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27. Jul 2007

Give us Gods


	Give us gods, Oh give them us!
	Give us gods.
	We are so tired of men
	and motor-power. —
	But not gods grey-bearded and dictatorial,
	nor yet that pale young man afraid of fatherhood
	shelving substance on to the woman, Madonna mia! shabby virgin!
	nor gusty Jove, with his eye on immortal tarts,
	nor even the musical, suave young fellow
	wooing boys and beauty.
	Give us gods
	give us something else —
	Beyond the great bull that bellowed through space, and got his throat cut.
	Beyond even that eagle, that phoenix, hanging over the gold egg of all things,
	further still, before the curled horns of the ram stepped forth
	or the stout swart beetle rolled the globe of dung in which man should hatch,
	or even the sly gold serpent fatherly lifted his head off the earth to think —
	Give us gods before these —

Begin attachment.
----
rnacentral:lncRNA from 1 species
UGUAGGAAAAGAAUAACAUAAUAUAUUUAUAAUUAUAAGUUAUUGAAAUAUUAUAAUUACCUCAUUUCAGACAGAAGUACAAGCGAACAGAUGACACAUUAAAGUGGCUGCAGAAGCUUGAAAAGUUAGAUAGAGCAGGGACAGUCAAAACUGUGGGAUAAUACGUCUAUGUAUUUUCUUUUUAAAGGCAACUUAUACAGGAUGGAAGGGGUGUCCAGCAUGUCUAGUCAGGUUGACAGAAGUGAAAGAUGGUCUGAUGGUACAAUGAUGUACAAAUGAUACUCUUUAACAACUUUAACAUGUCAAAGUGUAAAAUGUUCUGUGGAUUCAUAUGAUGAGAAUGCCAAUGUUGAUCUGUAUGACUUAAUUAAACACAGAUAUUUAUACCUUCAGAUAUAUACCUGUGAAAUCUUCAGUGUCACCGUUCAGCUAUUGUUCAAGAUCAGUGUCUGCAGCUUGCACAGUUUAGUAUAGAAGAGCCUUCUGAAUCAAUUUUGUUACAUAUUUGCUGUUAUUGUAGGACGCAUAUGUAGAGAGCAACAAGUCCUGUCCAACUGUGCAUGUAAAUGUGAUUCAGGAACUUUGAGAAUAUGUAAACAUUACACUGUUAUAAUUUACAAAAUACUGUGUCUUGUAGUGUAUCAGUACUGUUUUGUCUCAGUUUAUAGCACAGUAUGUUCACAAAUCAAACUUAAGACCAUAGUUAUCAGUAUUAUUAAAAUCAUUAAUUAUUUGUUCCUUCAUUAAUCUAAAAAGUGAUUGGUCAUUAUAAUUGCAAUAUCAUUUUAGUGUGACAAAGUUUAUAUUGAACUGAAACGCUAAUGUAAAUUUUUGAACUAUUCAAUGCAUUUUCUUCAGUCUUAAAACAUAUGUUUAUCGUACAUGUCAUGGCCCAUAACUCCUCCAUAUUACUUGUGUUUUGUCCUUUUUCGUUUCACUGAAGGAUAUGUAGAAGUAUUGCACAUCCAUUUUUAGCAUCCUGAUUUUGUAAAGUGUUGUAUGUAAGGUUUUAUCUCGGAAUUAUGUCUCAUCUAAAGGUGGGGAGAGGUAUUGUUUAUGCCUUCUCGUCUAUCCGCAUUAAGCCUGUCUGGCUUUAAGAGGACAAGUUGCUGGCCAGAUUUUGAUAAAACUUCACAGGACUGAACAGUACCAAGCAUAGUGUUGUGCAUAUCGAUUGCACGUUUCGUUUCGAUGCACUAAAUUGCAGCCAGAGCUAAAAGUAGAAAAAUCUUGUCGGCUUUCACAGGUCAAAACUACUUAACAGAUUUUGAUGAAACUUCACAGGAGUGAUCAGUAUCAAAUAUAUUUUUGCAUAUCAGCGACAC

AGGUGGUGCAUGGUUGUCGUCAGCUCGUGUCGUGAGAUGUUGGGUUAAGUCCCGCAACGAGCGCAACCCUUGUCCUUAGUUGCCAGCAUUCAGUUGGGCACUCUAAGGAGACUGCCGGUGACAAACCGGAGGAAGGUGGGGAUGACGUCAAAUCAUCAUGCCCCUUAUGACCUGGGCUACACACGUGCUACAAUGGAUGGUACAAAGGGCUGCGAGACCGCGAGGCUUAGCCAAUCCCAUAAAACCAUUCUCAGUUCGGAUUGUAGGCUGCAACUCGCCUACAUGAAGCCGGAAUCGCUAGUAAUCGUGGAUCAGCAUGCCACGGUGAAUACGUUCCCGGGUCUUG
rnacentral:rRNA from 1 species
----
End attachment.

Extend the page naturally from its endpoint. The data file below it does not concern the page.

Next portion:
Thou shalt have other gods before these.
	Where the waters end in marshes
	swims the wild swan
	sweeps the high goose above the mists
	honking in the gloom the honk of procreation from such throats.
	where the electron behaves and misbehaves as it will,
	where the forces tie themselves up into knots of atoms
	and come untied;
	of mistiness complicated into knots and clots that barge about
	and bump on one another and explode into more mist, or don't,
	mist of energy most scientific —
	But give us gods!
	Look then
	where the father of all things swims in a mist of atoms
	electrons and energies, quantums and relativities
	mists, wreathing mists,
	like a wild swan, or a goose, whose honk goes through my bladder.
	And in the dark unscientific I feel the drum-winds of his wings
	and the drip of his cold, webbed feet, mud-black
	brush over my face as he goes
	to seek the women in the dark, our women, our weird women whom he treads
	with dreams and thrusts that make them cry in their sleep.
	Gods, do you ask for gods?
	Where there is woman there is swan.
	Do you think, scientific man, you'll be father of your own babies?
	Don't imagine it.
	There'll be babies born that are cygnets, O my soul!
	young wild swans!
	And babies of women will come out young wild geese, O my heart!
	the geese that saved Rome, and will lose London.

	D.H. Lawrence (1885-1930)